•  university and student governance
  •  the undergraduate experience of neoliberalism
  •  alternative/free/autonomous universities
  •  organizing the education factory
  •  the suppression of on-campus dissent and organization

Please email submissions to universityisours@gmail.com by January 16th. Also,if you would like to attend the conference, please RSVP to the same address so organizers can plan for numbers.

This conference is organized by the edu-factory collective in collaboration with the University of Toronto General Assembly.

Praxis: developing a popular education model in Ireland by Margaret Crean

Margaret Crean’s ‘PRAXIS: developing a popular education model in Ireland’, originally written in 2008 and made available here, represents a vital intervention into the discussion around the role of pedagogy in social change in the concrete context of Dublin today. The paper was developed within the context of the Praxis collective, which brings together community activists and radical educators focusing on the possibilities of popular education in challenging the existing model of formal education. Drawing extensively on the work of Paulo Freire, as well as feminist practices of conscientisation, Praxis believe that drawing on experiences of oppression and exploitation can facilitate a form of education that challenges the dominant and all too pervasive ideological consensus.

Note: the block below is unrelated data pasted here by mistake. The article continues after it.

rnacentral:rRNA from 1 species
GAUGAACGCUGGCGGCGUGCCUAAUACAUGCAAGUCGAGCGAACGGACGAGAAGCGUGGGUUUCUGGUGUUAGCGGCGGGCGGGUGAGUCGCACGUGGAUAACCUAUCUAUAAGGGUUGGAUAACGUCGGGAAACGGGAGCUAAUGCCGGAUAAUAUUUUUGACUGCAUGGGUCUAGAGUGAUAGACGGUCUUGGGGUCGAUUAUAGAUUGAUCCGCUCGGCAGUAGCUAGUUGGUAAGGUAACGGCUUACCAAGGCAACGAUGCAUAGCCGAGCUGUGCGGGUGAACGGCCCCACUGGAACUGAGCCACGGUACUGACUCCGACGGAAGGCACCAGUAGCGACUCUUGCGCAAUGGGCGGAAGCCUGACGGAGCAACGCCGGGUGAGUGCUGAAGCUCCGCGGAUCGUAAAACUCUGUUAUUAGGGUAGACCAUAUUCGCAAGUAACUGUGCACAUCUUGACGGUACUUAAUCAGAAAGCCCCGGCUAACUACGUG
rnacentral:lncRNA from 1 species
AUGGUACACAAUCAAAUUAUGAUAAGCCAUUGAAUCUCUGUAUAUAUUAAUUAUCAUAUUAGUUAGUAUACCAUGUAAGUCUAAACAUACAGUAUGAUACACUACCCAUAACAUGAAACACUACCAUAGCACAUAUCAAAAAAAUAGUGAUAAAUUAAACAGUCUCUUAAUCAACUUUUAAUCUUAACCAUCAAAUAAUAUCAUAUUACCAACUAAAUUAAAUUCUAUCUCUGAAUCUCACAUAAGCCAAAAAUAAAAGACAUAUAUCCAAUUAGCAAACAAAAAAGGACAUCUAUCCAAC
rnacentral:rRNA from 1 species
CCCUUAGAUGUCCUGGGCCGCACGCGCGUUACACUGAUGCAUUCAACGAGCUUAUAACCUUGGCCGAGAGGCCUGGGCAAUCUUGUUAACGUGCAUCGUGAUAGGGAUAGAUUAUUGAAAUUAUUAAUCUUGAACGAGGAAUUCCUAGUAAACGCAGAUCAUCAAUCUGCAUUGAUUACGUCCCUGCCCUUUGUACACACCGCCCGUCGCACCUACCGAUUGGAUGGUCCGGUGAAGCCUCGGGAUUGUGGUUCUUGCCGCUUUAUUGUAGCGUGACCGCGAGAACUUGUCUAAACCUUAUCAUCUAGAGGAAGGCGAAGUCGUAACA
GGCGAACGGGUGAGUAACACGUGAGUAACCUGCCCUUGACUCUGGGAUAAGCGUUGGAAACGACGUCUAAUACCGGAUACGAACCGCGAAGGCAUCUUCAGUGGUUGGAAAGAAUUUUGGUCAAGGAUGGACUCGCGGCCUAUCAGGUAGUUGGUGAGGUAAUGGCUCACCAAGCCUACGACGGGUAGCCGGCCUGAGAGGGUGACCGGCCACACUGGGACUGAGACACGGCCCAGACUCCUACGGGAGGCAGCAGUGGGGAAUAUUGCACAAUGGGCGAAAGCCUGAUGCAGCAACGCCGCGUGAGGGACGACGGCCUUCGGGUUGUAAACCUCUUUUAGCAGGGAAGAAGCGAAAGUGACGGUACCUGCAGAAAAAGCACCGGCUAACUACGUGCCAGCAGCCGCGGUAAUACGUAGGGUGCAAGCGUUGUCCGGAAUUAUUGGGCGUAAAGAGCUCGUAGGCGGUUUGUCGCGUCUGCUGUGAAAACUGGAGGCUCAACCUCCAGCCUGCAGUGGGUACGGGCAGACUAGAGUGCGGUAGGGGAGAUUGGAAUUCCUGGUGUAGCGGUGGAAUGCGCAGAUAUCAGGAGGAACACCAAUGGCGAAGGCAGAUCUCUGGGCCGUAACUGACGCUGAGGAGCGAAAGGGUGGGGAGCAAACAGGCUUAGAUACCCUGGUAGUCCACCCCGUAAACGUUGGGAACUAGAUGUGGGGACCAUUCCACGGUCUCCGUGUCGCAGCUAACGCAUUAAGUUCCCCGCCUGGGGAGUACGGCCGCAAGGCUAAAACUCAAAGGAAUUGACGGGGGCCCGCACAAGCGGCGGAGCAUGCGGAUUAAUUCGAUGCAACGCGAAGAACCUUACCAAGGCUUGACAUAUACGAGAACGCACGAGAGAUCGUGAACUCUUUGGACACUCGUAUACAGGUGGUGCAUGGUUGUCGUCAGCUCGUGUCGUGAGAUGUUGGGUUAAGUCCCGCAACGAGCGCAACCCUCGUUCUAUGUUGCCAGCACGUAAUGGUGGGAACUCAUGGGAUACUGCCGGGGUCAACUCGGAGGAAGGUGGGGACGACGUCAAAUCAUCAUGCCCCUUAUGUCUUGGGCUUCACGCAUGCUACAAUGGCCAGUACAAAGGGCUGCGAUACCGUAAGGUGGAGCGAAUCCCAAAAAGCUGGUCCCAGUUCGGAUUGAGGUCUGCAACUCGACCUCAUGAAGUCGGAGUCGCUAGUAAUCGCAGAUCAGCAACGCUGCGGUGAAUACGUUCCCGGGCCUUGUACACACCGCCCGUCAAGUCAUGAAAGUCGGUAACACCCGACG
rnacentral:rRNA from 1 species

As well as setting out the specific role of popular education in relation to the current ideological context in Ireland, Crean’s paper engages with the problems thrown up around community development and, indeed, the notion of community itself. Community development, which represents (or at least once did) probably the most significant social movement in Dublin over the last decades, has become entangled with mechanisms of state governance, reducing it to a service provider and fomenting profesionalisation. Rather than falling into the trap of supporting or dismissing community development, Crean argues that we can defend the necessity of services provided by community organizations while recognizing the need for a renewed political engagement outside of the current logic of community development and the ‘partnership’ model. She describes this as ‘the possibility of claiming a space alongside the more instrumental aspects of community education and community development’ and insists on the continuing importance of community as a space of political intervention.

Insolvent Workers of the World: Interview with Andrew Ross of Occupy Student Debt

This is a short interview by Anna Curcio and Gigi Roggero of the Knowledge Liberation Front (website still being constructed available here) with Andrew Ross who has been involved in Occupy Wall Street and in Occupy Student Debt campaign. OSD is an example of the relationship between the occupy movement and new struggles against debt. Similarly, in Spain the Platform of Mortgage Holders (my rough translation – Platforma de Afectados por la Hipoteca) has built up a constructive relation with the 15M movement. In conjunction, the two movements have successfully resisted over 170 evictions and forced debt forgiveness (which they describe as the ‘right to start over’) firmly on the political agenda. This is no coincidence: debt (national and individual) is the principle form of exploitation and domination under financial capitalism.

 

Anna and Giggi: How was OWS possible, and in which ways is it changing the American context?